World’s Skinniest Farm Planted in Brookline, MA


“The 200 Foot Garden is a community garden/art project, to create a commuter garden in Brookline, Massachusetts. Our hope is to add some beauty and delight to a very everyday stretch of sidewalk and chain-link fence. It’s also our hope to remind people that healthy vegetables can be grown in all sorts of environments, not just farms or big yards or community garden plots. The 200 Foot Garden is also a way to bring together neighbors in a project designed to share good things with the people around us.

The project is headed by Patrick and Tracy Gabridge. In our everyday lives, Patrick is a novelist and playwright, and Tracy is a librarian.”

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  1. i think projects like this (and others i have seen here) are so very clever. i may attempt this along the fence line where i work. thank you for sharing.

  2. cool… but scarlet runner beans? not worth it foodwise – scarlet runners are an ornamental flower as far as I am concerned. They’ll learn by experience I hope.

  3. Thanks for posting the story. We’ve had a great time with the project and it’s only just beginning. Your book was very much an inspiration for us to start looking around for unusual garden spots.

  4. Hmm. Scarlet runner beans are tried-and-true, and perfectly edible. Not sure what the issue is unless it depends on your climate/zone?

  5. Mrs. Homegrown chiming here. We eat our scarlet runners. Perhaps they are not the penultimate eating bean, but they’re pretty good when eaten young, very reliable and very attractive.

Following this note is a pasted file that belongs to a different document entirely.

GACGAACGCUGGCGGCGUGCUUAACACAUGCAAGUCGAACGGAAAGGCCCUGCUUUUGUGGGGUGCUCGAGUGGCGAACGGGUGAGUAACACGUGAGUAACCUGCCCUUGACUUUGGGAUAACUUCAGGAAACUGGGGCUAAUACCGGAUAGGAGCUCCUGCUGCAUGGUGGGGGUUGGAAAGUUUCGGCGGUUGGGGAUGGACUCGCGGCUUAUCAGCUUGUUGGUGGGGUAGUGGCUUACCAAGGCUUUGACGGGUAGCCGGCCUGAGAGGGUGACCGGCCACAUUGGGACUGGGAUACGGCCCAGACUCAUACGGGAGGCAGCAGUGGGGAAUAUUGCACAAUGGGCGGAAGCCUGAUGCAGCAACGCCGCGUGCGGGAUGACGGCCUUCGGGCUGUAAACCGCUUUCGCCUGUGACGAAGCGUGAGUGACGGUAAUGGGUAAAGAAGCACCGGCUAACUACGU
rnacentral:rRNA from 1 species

PLUS you can eat the flowers! We didn’t know this until this summer. We’ve got scarlet runners out on the street in front of our house, and a man from Guatemala stopped by to talk to us about them. They made him homesick–apparently they grow thick around his family’s house. He’s the one who told us to eat the flowers. What a revelation!

    The bright red blooms have a delicious snap pea sort of flavor. How had we not known that before? They’re a knock-out addition to a salad.

  6. That’s very exciting to hear about the edible blossoms on Scarlet Runners. This is actually my first time growing pole beans, but they were essential for this vertical project. Three different varieties will allow us to compare and contract and figure out what we like. I chose Scarlet Runner also for the color–we’re trying for a certain level of visual impact with this garden, too.

  7. hmmm… maybe I spoke too soon on scarlet runner beans… and I didn’t know that the flowers were edible. Thanks to folks for weighing in on this. When I grew them one year (in Los Angeles) I found the beans pretty bland – compared to the blue beans… I probably picked them too late.

    Always more to learn!

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